So What is the Difference Between Innovation and Legal Technology

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So What is the Difference Between Innovation and Legal Technology?

Legal professionals live their lives by a set of values provided by their firms including ‘law tech’ and ‘innovation’. However, are these values just buzz words or do they have an actual meaning? This article examines the difference between the two and the challenges lawyers face when seeking to adopt such measures.

What Is Innovation?

This term has left many lawyers bamboozled. The definitions provided by firms to explain it are so long and tedious as to render it meaningless. Following its collaboration with the Solicitors Regulation Authority, Oxford University produced a report in July 2021 entitled ‘Technology and Innovation in Legal Services’ which provided some clarity. Within the report was a detailed study into the term ‘innovation’ and broadly it was interpreted to mean improving the product, delivery and marketing of legal services.

What Is Legal Tech?

Oxford University helpfully interpreted the term ‘legal technologies’ to mean technologies which have the goal of replacing old fashioned ways of providing legal services. Such solutions are being used more and more to assist lawyers so they can benefit clients more efficiently. Law firms have been using a wide variety of technologies in the hope of stealing a march on the competition. Client engagement seems to be a priority with many firms adding more engaging content and features to their respective firm websites such as chatbots, portals and handy information to assist clients.

What Challenges Have Law Firms Faced With Adopting Innovation into Their Company DNA?

In its survey the SRA explored the challenges faced by firms when contemplating introducing innovation and legal technologies into their respective organisations. Numerous reasons were promulgated in response. The report broke the surveyed firms into two broad categories:

  • Those strongly considering implementing legal technology; and
  • Businesses opting against introducing legal technology and innovation.

Interestingly for all firms surveyed the number one reason for not implementing legal technology was the shortage of financial resources and capital available to invest. The firms opting to use legal technology cited uncertainty and regulatory barriers as key considerations in the decision to adopt such measures. The business world thrives on certainty and there is often a disconnect between what law firms expect to gain from adopting innovation. Some firms cited a selection of regulatory issues which put them off from adopting such measures. Following the survey firms would be best advised to check their insurance position before deciding to introduce such technologies. This will to ensure they can mitigate against the risk of client confidentiality being breached and they are covered if a data breach occurs. They should also seek further independent legal advice, so they are aware if regulations or legislation introduce any difficulties.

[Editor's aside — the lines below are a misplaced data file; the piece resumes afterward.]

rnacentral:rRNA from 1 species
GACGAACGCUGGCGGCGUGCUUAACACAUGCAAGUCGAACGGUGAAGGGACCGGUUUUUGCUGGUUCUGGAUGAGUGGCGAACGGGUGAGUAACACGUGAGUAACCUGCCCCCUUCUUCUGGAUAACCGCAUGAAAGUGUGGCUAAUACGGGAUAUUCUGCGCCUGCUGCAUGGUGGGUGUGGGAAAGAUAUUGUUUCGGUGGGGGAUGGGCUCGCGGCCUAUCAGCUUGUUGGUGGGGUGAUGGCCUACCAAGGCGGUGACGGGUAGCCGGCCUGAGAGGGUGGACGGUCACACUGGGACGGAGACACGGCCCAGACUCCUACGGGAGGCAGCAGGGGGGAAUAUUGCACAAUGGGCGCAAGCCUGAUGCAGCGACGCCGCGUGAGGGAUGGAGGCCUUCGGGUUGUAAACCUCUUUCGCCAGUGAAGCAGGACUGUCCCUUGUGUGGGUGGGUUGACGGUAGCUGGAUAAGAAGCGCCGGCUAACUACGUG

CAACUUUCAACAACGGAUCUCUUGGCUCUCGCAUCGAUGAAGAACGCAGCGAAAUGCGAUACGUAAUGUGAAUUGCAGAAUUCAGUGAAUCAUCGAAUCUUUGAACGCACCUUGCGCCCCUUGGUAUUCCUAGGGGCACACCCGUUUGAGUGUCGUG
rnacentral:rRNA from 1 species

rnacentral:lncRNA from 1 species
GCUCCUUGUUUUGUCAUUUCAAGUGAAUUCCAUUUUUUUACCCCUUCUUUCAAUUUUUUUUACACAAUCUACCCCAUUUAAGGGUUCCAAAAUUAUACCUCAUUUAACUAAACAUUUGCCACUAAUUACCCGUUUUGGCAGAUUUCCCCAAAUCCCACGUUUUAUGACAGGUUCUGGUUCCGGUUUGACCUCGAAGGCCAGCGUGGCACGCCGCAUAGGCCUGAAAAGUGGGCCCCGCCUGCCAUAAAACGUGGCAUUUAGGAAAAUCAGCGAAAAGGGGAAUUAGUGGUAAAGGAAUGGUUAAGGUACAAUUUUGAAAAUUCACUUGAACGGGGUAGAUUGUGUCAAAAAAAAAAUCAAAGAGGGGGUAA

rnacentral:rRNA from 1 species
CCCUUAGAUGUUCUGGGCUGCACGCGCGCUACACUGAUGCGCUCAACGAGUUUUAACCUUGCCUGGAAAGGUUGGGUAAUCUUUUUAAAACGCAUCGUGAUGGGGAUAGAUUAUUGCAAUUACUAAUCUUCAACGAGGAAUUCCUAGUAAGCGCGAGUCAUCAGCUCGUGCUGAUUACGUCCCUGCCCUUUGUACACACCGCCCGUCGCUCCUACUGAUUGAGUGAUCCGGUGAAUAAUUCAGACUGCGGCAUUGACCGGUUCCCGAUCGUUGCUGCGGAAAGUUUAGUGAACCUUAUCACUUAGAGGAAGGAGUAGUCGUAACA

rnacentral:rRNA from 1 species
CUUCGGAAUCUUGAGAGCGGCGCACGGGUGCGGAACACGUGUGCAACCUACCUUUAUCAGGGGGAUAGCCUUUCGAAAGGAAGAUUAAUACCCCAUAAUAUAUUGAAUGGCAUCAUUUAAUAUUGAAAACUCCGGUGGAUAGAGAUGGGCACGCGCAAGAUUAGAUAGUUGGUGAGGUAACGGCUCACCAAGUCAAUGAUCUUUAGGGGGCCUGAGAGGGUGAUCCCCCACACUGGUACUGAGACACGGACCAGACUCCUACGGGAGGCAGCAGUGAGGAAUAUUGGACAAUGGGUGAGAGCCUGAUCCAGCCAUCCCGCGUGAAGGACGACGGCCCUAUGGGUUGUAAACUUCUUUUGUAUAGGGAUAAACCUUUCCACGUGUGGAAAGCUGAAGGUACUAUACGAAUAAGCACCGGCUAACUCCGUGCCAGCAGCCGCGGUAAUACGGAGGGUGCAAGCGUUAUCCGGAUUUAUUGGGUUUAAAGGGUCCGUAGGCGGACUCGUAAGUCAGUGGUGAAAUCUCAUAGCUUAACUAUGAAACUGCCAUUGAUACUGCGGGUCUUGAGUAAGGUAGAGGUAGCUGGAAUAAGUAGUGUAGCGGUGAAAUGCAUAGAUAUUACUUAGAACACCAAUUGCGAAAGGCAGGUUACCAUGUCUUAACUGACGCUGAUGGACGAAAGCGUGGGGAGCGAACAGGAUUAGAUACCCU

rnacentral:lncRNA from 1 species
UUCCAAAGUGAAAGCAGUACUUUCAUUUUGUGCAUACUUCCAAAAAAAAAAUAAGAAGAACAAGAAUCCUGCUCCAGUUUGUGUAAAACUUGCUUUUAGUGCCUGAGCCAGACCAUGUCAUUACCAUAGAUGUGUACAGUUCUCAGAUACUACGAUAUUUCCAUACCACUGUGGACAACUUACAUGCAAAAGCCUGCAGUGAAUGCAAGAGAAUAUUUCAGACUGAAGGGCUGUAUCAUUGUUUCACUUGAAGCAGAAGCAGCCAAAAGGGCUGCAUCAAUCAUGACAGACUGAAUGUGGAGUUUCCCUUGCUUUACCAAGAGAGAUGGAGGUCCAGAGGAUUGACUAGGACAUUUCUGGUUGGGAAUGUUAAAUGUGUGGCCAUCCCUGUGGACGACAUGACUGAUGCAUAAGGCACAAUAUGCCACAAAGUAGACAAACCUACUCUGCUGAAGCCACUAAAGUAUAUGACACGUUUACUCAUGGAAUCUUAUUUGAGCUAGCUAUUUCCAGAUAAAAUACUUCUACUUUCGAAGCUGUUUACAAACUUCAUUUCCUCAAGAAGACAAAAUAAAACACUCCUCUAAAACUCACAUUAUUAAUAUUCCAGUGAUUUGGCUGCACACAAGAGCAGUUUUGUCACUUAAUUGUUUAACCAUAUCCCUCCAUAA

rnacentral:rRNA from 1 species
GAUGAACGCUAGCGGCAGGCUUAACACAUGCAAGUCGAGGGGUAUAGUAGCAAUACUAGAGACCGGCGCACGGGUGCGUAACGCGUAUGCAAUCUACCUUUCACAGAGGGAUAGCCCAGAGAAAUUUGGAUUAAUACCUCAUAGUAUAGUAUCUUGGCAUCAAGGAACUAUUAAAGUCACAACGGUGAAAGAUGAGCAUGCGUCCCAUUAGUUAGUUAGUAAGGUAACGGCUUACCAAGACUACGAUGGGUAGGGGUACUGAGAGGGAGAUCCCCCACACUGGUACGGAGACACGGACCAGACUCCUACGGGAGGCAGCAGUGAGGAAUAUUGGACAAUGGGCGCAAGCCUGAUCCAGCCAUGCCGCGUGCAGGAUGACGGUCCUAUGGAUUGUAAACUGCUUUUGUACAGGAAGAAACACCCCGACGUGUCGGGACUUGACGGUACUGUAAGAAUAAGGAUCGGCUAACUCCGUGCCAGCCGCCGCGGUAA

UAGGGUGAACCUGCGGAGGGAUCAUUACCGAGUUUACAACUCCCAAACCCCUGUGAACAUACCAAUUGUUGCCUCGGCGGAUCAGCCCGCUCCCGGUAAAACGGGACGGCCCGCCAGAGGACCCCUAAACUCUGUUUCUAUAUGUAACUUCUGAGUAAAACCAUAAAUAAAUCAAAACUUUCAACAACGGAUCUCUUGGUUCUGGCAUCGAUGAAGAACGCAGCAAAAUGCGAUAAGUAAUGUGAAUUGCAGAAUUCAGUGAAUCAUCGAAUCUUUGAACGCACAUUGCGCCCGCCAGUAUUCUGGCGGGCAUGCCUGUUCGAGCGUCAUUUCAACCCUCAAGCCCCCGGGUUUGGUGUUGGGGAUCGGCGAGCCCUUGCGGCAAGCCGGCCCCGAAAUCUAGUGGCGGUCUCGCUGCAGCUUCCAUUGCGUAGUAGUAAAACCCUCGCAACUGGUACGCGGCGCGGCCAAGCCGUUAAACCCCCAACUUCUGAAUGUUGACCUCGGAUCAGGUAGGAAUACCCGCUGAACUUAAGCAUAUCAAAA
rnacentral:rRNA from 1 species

So Why would Firms Choose Not To Innovate?

The Respondents to the study provided different reasons for not introducing innovative technologies into their firms such as:

  • The perception of innovation not being a high priority
  • Needing to channel their financial resources elsewhere
  • Innovation is not required at the business.

The respondents to the survey suggested that the SRA could be offering better support to adopt legal technology and innovate. The main suggestions appeared to be:

  • Clearer guidance
  • More assistance to comply with regulations and legislation
  • Greater monetary support
  • Measures to increase confidence and trust in using technological solutions.

One fail safe measure lawyers can use is attention to detail. Prior to sending documents to clients lawyers should be reading documents before pressing the send button on a system resulting in information falling into the wrong hands. This is seemingly not the fault of legal technology but lawyers themselves. The report makes for interesting reading. It highlighted the differences between innovation and legal technology. If the suggested measures are adopted, it could set the long-term weather for the profession.

The Legists Content Team


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[1] Sako, Mari et al. – Sako, M. & Parnham, R (2021) Technology and Innovation in Legal Services: Final Report for the Solicitors Regulation Authority – University of Oxford - full-report-technology-and-innovation-in-legal-services.pdf (

[2] Legal Services Act 2007

[3] SRA corporate strategy 2020 to 2023 – 20 March 2020 - SRA | SRA corporate strategy 2020 to 2023 | Solicitors Regulation Authority

[4] Sir David Clementi (2004) Review of the Regulatory Framework for Legal Services in England and Wales: Final Report - [ARCHIVED CONTENT] Legal Services Review - Report - December 2004 (

[5] Legal Services Board (2018) – Technology and Innovation in Legal Services. November.

[6] Oxera Consulting Limited (2011) Market segmentation – a framework to monitor the legal sector – Report for the Legal Services Board - Market Segmentation - The Legal Services Board



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